This Week in Literary History: America is Born!
As a Scorpio growing up in the frigid New England winter, America always had the birthday I wished I could have had: barbeques, pool parties, drunk friends tying fireworks to my leg. Our founding fathers knew what they were doing when they gave birth to this love child called the USA; they knew that July 4 was prime party time nationwide, and so this week in history they wrote what is arguably the most famous piece of American literature - the Declaration of Independence - and set-up America to be sure it always has the best birthday parties ever. I wish my parents had thought of that.
On America's 69th birthday, Henry David Thoreau walked into the woods behind his buddy Ralph Waldo Emerson's house and built a small cabin where he would live for the next two years, two months and two days before deciding he'd had enough and that he had "several more lives to lead", which to me translates as "living in the woods is cool for a while, but trust me, it gets really boring." He of course wrote his memoir/spiritual journey titled Walden about his stay in the cabin and it has since become the Bible for hippies and vagabonds worldwide as well as a runner-up to the Declaration of Independence for "Most Famous Piece of American Literature Ever".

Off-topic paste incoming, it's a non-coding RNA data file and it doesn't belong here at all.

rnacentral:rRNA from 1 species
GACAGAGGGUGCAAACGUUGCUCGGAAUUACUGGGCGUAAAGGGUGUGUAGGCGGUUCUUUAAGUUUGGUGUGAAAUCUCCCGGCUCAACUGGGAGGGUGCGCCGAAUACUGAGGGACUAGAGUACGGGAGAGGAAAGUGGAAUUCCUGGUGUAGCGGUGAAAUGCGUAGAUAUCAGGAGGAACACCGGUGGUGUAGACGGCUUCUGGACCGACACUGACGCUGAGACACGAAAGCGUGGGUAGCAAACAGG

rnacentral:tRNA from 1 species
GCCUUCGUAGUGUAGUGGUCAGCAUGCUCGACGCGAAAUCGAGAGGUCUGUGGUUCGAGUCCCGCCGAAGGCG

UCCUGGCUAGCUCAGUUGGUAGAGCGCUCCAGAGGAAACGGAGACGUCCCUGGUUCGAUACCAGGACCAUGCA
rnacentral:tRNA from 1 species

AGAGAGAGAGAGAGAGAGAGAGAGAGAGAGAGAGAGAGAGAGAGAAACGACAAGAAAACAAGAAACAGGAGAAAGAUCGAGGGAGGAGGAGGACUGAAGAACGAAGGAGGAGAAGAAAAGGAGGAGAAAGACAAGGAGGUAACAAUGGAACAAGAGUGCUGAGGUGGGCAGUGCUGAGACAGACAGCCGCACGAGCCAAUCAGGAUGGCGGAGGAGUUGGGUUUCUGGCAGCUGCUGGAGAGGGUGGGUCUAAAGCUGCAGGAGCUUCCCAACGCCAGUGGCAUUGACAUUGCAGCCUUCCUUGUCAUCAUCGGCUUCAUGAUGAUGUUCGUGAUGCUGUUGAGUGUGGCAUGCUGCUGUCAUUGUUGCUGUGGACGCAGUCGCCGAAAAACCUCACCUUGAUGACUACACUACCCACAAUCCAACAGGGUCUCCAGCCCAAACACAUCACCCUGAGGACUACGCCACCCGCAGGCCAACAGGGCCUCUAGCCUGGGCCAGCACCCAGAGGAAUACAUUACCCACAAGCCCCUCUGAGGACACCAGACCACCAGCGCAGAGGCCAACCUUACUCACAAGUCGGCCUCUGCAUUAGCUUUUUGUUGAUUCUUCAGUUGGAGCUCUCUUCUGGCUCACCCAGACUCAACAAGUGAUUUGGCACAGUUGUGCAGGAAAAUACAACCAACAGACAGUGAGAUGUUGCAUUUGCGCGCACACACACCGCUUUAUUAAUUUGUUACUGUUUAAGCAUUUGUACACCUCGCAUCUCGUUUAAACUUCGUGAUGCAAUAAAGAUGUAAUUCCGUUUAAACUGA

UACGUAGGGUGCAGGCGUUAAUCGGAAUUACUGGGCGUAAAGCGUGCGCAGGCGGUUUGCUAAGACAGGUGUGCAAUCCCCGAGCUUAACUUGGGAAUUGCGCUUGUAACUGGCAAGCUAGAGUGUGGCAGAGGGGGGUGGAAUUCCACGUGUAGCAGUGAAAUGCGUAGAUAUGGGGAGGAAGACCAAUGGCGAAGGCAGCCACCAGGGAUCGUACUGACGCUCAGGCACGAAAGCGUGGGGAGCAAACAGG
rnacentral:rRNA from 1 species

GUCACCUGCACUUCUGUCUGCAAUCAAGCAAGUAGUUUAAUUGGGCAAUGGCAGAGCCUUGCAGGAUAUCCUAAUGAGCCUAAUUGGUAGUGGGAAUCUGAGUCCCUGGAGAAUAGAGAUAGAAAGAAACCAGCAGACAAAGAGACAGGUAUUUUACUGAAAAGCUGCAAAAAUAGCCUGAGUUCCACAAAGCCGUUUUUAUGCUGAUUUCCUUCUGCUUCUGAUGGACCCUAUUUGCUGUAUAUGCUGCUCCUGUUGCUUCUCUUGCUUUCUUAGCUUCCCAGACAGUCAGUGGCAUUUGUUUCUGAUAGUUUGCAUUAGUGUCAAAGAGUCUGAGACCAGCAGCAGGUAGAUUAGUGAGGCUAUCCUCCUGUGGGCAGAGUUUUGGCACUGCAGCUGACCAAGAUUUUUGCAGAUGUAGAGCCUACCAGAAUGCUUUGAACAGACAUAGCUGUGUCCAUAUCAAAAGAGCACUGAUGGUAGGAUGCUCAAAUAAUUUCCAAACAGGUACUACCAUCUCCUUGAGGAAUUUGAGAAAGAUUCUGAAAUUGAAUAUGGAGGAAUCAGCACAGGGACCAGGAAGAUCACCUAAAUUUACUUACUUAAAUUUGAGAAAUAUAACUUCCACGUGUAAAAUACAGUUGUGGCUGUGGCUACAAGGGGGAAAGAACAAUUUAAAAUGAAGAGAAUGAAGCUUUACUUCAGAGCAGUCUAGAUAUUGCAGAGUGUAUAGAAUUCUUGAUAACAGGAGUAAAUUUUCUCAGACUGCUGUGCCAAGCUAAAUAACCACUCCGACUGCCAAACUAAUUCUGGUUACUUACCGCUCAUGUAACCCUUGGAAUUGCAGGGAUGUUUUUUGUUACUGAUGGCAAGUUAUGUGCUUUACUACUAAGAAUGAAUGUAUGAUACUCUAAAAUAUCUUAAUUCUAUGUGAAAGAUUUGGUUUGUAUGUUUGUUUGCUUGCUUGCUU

Ten years later, on America's 79th birthday, a virtually unknown poet by the name of Walt Whitman self-published 795 copies of a little book of 12 poems he titled Leaves of Grass. Ya heard of it? Another famous vagabond, another super important piece of American lit. America shares its birthday with the beginning of Thoreau's Walden and Whitman's Leaves of Grass, I share my birthday with Whoopi Goldberg.
July 6 may rival the 4th as the most patriotic day of the year though, mainly because it is the birthday of two of America's greatest leaders: Nancy Reagan and George "Dubya" Bush. And they are both writers. Move over Leaves of Grass, take a seat Walden, Decision Points - a.k.a How To Run a Country into the Ground in Ten Easy Steps - comes out November 9th.
If your 4th of July weekend has inspired you to get all political, Volume 10 Number 1 of Tin House might be a good read. Titled "The Political Future", the issue takes a look at the direction politics is moving both nationally and globally. There is plenty of criticism of King George within, including a great poem by Mary Syzbist about the relationship between G.W.B and Senator Robert Byrd (who died last month), as well as a funny set of comic strips by David Rees called Get Your War On. Check out Rees's comic strip here, and pick up the new Summer Reading issue of Tin House here.